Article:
Mm. Yeah. Utilities are definitely an interesting one, especially those are, that are commoditized and we all have to have them. Yeah. But one just kinda one step to the side on that. I think it’s another type of sector or vertical that, um, is we have to have it. Mm. And it’s one that begrudging think purchase that we all have to make and that would be maybe like the insurance sector. So one of the conversations and a note that came out of the, the lab from one of the participants was having this, Exit strategy towards a loyalty program, which seems completely counterintuitive. Why would you even want to focus on that? Yes. I’m not talking about win back. I’m talking about how do you let a member go in a way that they will want to come back? So wow. As we think about, just say customers lifecycle in general, right. If I have an apartment and I get, you know, insurance from my apartment for homeowners or property. Mm. At some point I might move to a house. Yeah. Right. And so how do they, let me go successfully with the right touch to leave one insurance policy. Mm, yet still be encouraged and engaged to want to go to the next one. And it might not happen back to back. Right. I might have lived somewhere else. We we’ve talked about boomerang kids and those sorts of things. Yeah. But it’s the concept of having that last touch with your customers so that they want to come back. Leaving that positive note.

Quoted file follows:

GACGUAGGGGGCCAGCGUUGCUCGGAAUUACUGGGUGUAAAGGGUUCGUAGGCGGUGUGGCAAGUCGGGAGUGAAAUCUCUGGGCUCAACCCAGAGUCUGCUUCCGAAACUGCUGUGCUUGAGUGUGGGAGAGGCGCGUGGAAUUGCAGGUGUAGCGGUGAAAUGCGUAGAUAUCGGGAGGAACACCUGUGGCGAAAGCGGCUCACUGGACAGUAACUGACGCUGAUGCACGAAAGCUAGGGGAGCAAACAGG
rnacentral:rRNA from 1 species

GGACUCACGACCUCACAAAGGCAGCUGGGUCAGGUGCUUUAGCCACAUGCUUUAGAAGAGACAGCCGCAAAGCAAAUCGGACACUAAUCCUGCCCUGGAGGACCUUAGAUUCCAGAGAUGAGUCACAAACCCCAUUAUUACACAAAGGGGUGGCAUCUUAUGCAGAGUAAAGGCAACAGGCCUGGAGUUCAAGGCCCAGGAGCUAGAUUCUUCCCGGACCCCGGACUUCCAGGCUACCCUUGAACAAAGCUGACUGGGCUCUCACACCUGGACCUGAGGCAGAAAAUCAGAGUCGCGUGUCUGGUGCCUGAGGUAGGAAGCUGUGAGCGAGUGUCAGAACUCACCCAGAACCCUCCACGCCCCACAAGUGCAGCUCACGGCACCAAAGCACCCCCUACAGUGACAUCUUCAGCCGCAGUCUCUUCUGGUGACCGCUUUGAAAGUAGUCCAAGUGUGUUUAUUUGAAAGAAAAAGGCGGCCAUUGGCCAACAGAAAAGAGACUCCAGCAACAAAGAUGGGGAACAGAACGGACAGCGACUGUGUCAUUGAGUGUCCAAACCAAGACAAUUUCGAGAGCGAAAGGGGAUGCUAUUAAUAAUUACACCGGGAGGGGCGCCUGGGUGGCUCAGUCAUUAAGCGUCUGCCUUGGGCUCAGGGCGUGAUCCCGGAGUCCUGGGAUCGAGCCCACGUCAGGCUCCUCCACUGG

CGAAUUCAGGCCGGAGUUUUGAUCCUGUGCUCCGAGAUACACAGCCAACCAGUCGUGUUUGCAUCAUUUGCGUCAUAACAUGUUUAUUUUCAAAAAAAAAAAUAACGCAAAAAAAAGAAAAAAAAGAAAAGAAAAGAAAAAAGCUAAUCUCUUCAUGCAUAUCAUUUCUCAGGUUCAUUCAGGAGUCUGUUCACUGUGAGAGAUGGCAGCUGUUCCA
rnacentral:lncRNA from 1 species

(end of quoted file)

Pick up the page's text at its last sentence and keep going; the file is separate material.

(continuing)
So, you know what that, uh, has just reminded me of actually, and, and I think we’ve talked about, yes, there are industries that are commoditized, so we just have to deal with that as consumers, as businesses. But when you talk about insurance, there was a brilliant example. I remember from Ireland, Collin where. Instead of building a loyalty strategy around, you know, the cross-sell the upsell. There actually was a brilliant strategy, which came about what happens at the point of claim. Because if you think about the reason that you’re in a loyalty program or the reason that actually you’re a customer of an insurance company, fundamentally, we’re all dreading but actually very clear that there is a reality that I probably, at some point will need to claim for something. It might be the car, it might be the house. It might be God forbid, health insurance, but it sounds like that’s exactly what you are coming across there. It’s like, let’s not just look at this, you know, acquire them, retain them for as long as we can and then forget about them but let’s look at the entire customer journey, including up to, and when they’re gonna leave.